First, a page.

With the techno beat, electronic instruments and the change from female to male lead vocals (there are some female backing vocals by Charlie Dée), A Balladeer have definitely put their own stamp on it, but strangely, nothing feels like a radical change. It's close to the original tempo, just subdivided differently, and more importantly, the original's atonal chord progression is preserved. As a result, this is a highly individual version that does not stomp all over the feel of the song as originally intended.
This cover version was released as a single just two months before the release of The Director's Cut, which also contains a new version of this song. For the purpose of this blog series, covers of songs that appear on The Director's Cut will be tagged as covers of songs from The Sensual World or The Red Shoes if they came out before the release of The Director's Cut on May 16. If they came out after The Director's Cut, they will still be tagged as coming from those earlier albums unless they are clearly influenced by the Director's Cut versions. I have now heard previews of several songs and some of them are reinterpreted drastically enough to have the difference reflected in any cover versions - and good enough to have covers made of them! Which is a relief, to be honest.
It's... a transatlantic collaboration over the internet, performed live before the camera. And it's really good. That's pretty much all you need to know. Well, that and that the duo have a whole playlist of Kate Bush covers they did together. At the end of each video, the guitar part is repeated without the vocals and with the fingerings clearly visible, for those wanting to learn the parts.
So far, I've avoided songs from tribute albums, because I figured that would be cheating in some way. But in my new quest to avoid live solo renditions, this jazzy gangsta-rap arrangement, originally featured on the 1998 tribute album I Wanna Be Kate was too good to pass up. While this isn't really my bag, it's an original spin on the song and that's what interests me right now.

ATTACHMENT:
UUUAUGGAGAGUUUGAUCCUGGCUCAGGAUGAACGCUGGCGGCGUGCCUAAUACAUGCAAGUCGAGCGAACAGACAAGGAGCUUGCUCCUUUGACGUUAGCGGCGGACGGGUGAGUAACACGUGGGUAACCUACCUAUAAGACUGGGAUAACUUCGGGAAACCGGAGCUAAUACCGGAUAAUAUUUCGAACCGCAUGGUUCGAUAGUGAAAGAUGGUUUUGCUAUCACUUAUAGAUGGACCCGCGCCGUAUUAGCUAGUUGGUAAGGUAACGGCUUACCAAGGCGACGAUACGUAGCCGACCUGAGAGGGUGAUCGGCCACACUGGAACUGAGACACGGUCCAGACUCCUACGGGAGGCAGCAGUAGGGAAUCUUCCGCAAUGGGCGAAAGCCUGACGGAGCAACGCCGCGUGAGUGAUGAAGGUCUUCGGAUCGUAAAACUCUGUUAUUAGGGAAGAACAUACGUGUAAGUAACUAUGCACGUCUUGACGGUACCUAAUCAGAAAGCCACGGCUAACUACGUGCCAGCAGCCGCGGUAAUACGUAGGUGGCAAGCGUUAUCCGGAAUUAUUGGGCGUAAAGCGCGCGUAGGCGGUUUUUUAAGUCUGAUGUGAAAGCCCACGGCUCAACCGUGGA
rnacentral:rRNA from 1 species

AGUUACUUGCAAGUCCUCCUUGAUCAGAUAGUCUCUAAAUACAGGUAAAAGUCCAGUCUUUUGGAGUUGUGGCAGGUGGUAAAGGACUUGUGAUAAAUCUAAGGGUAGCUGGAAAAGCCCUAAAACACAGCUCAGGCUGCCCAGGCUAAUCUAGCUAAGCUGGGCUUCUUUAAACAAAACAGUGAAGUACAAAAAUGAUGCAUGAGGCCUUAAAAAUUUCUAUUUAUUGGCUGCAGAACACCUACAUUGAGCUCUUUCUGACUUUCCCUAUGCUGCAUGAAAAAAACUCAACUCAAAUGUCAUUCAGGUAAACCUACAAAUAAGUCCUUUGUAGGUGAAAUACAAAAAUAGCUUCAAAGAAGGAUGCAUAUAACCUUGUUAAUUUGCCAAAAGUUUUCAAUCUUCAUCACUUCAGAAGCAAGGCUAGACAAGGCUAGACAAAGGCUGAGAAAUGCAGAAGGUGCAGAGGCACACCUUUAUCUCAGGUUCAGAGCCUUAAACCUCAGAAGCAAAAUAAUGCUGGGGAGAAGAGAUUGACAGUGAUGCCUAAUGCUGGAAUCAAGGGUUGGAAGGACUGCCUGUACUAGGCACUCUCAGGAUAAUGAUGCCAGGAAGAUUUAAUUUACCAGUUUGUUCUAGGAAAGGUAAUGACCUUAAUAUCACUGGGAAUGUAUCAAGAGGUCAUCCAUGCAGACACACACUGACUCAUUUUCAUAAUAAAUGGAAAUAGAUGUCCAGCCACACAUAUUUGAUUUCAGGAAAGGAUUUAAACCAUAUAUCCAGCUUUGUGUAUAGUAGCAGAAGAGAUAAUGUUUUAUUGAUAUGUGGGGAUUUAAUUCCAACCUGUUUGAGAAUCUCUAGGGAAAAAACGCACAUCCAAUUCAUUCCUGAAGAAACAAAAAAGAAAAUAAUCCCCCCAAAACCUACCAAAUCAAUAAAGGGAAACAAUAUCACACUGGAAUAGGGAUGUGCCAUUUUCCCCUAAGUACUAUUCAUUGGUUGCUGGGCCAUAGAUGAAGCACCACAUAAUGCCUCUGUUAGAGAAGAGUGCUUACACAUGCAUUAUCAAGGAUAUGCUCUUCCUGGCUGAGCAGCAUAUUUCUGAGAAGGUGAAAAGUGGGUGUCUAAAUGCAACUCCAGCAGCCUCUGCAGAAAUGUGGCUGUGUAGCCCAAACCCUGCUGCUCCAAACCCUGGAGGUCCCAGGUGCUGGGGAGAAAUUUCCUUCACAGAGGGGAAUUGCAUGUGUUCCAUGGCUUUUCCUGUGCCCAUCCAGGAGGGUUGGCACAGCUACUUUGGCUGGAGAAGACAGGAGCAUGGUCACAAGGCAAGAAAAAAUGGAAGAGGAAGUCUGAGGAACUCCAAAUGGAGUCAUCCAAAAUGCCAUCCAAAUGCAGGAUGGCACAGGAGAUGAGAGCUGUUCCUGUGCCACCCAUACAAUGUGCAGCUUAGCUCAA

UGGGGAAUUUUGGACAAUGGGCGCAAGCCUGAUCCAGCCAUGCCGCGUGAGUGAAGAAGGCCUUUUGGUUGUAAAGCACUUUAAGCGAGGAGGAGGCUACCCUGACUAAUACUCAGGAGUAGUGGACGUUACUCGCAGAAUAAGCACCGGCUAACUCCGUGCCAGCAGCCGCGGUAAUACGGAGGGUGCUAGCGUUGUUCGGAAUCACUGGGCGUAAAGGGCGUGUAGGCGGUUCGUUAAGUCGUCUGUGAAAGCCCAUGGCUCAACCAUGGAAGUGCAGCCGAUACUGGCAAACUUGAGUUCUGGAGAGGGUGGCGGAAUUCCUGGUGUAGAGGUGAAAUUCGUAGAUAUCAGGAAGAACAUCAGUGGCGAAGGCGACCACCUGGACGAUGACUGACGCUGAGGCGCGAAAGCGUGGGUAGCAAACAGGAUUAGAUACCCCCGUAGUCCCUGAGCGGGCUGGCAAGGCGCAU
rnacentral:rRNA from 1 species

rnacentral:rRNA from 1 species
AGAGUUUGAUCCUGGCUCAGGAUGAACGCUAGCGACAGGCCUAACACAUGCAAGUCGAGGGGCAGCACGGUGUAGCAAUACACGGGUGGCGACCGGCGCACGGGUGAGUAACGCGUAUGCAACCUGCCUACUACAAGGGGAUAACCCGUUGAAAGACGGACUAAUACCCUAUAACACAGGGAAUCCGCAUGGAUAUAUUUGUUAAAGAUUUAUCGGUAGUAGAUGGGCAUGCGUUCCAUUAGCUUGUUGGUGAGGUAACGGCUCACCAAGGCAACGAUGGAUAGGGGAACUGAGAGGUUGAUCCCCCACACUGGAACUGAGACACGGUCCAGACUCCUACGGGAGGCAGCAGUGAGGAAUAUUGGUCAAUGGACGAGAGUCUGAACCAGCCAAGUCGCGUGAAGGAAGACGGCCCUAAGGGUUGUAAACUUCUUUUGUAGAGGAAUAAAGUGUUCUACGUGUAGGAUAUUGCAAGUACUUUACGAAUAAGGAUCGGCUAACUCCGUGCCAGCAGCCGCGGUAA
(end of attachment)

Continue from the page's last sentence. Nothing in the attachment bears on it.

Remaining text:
Video is a live performance from the release party.
The video for this, featuring clips of Kate Bush dancing from her music videos, was created by YouTube member vibesinthesky, who says s/he found the audio on the Internet and doesn't know who made it. If someone can ID the remix artist, I'd be very grateful.
Obviously, this uses Kate's original vocals and sampled instrumental parts from the original recording, which is on 'The Dreaming', arguably the second-best work of music ever created. So does it count as a cover version? It probably does as it was not authorised or commissioned by the original artist and isn't on any of her albums. But who cares? What matters more is that this is about as far from a solo acoustic cover you can get. It's also about as far from any moody/scary approach that you can get, and considering that the original is essentially a heavy metal piece*), turning it into something as joyous and lightweight as this is as much of a new spin as I've heard and seen so far. I'd like to hear more like this, please.
*) Yes, I know. Just imagine what it would sound like if it did have distorted guitar plastered on it. Jimmy Bain's already on it, all you'd need to do is invite Vivian Campbell to do a session, is all I'm saying.